Some conversations linger after the person who whispered urgently in your ear, clasped your hand until your fingers hurt, has departed, eyes downcast, their pain hidden once again from the world.
A week or so ago a woman approached me at a crowded event. Like a heat-seeking missile, she parted the crowd and came directly to me.
“I read your book.”
I nodded. No reason to ask which book. My Life with a Wounded Warrior is given to veterans and their spouses at the local VetCenter here in Fayetteville, Arkansas. I’d seen that desperate look before.
Her hand gripped at my arm as though she were stranded on a cliff, clutching at a frayed rope. This being, of course, pretty much her exact situation.
I patted her hand, pried her fingers from my arm.
She leaned in, breath hot on my ear. “I can’t do it anymore. His PTSD is ruining my life. I was happy before I met him. Had friends and a good job I enjoyed.”
“I understand.” I slipped my arm through hers and led her to a corner of the room away from the crowd.
“He won’t leave the house.” She turned, glared at the room behind us. “Except if there’s other veterans around. I beg him to go out and he doesn’t listen. But one of those. . .” Her chin swept toward the small clusters of men clumped together in islands throughout the room. “One of them calls and he’s Mr. Johnny on the spot. Rushes out to be there for a buddy.”
Her words tumbled one on top the other.
“Does yours wake up at night screaming? I didn’t know any of this when I married him, you know? I mean, I knew he’d been in that war over there, but I didn’t know. . .I didn’t know it would be like. . .like this.”
I hugged her against me and she relaxed for a split second, then stiffened, pulled away.
“What am I supposed to do? How do you stay with yours?” She nodded toward toward my husband, Jack. “Why do you stay?”
And there it was. What my dad used to call the sixty-four thousand dollar question.
Why do I stay?
Because in fact post-traumatic stress is contagious, living with a combat veteran struggling with the psychological effects of war is exhausting, and yes, there are days and nights when my dreams and plans are consumed by his needs.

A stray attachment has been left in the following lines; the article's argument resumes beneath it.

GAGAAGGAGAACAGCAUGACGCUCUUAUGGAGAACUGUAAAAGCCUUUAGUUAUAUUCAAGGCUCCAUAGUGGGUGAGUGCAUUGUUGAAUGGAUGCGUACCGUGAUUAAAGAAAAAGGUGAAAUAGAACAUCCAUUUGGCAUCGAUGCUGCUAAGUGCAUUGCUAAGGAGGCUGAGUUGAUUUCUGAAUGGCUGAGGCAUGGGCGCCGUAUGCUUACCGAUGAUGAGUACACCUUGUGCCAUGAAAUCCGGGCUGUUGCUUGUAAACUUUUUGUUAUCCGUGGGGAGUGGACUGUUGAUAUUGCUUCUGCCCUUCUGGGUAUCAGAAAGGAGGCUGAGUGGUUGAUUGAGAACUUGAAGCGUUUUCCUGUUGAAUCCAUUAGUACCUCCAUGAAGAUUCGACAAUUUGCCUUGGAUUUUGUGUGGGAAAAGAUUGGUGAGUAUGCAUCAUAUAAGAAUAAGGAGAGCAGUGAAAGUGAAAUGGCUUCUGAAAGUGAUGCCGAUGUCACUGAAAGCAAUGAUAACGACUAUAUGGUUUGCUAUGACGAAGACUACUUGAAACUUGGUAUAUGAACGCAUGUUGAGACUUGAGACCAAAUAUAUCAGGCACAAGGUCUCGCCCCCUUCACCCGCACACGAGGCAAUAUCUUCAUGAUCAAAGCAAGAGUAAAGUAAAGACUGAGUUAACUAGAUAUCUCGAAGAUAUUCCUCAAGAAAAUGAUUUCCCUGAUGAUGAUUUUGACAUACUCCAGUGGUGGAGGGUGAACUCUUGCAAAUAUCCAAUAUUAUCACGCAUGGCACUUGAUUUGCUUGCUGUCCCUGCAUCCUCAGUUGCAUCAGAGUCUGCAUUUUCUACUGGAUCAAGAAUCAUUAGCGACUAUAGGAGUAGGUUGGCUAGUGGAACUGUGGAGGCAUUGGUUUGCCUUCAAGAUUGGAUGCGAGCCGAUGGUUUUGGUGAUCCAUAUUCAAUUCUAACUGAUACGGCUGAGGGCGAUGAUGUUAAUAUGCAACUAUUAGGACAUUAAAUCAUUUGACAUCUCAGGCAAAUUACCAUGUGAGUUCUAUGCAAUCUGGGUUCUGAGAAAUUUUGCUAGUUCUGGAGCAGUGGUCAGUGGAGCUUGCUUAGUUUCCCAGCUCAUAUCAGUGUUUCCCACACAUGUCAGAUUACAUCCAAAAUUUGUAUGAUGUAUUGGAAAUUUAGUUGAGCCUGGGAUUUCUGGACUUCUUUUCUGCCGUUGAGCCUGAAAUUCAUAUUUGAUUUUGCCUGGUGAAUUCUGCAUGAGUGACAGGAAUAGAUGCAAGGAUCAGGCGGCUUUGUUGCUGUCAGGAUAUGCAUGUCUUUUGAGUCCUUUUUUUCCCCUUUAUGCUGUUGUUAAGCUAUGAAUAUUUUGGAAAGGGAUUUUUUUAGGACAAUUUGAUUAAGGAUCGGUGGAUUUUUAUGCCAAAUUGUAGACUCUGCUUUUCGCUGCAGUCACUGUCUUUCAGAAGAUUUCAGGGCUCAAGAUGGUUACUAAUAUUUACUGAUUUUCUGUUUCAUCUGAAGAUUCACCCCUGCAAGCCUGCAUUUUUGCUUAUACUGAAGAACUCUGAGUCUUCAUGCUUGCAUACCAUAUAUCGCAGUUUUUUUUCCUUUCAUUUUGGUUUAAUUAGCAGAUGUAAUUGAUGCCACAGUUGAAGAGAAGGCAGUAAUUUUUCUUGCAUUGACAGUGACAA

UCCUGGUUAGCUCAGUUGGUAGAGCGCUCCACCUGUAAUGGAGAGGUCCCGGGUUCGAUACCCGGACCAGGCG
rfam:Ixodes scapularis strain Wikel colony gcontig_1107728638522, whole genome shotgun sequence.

At low-points I fear I stay because Jack and I are a near perfect fit of neurosis. His past and mine colliding and binding in a glue of co-dependence. I suspect that, even on our best days, there is some element of that unhealthy click in our relationship. I’ve been working for twenty-five years to peel that adhesive from our marriage, to find a healthier, more productive model.
I’ve heard it said that people come into our lives to teach us what we need to learn. Well, Jack has sure as hell taught me about myself, about scars earned in childhood and ways to work through painful lessons.
But that’s not why I stay.
Vets say, “If you weren’t in country, I can’t explain it, and if you were, there’s no need to explain it.”
The same is true for those of us married to combat veterans. We know what we do often looks like stupidity to others. We admit that our lives sometimes feel like we’re walking inside one of those bouncy castles. Just when we think we’ve got the balance between enabling and support correct, the ground rolls under out feet. In the end we each decide for ourselves whether we can stay or whether we must leave.
So, why do I stay when, in many ways, my life would be simpler, maybe even happier, if I left?
After all the joys and all the pain, Jack still sweeps me off my feet with his courage. I am still in awe of the bravery it takes to get through every single day after having seen what he’s seen, done what he’s done.
The sages tell us that our broken parts make us stronger. There are those who walk among us so shattered that light streams through their souls. If we insist in pouring water into these vessels, we may spend our lives cleaning up messes, falling on slick ground. But if we can see the filigree of pain for what it is and accept that while these vessels may not be great for carrying water, they are astoundingly strong and beautiful sources of light to pierce our own darkness, then we may be able to live joyfully, gratefully with them.
Pretty words maybe, but come on, pragmatically, why I do I stay?
I stay because he is my husband, and while I am sometimes frustrated beyond my ability to cope, I still, after all these years, respect and admire and honor his courage. Not his courage in combat, though, in a faraway jungle he acted in a manner that is deemed brave by those who hand out medals and paper honors. No, the courage that impresses me and keeps me proud to be his wife is that which allows him to live every day with the results of traumatic brain injury and the psychological effects of war.
So, in the end I suppose I must fall back, once again on a truth stolen from Vietnam vets. “If you’re not married to a combat veteran, I cannot explain to you why I stay. If you are, there’s no need to explain it.”
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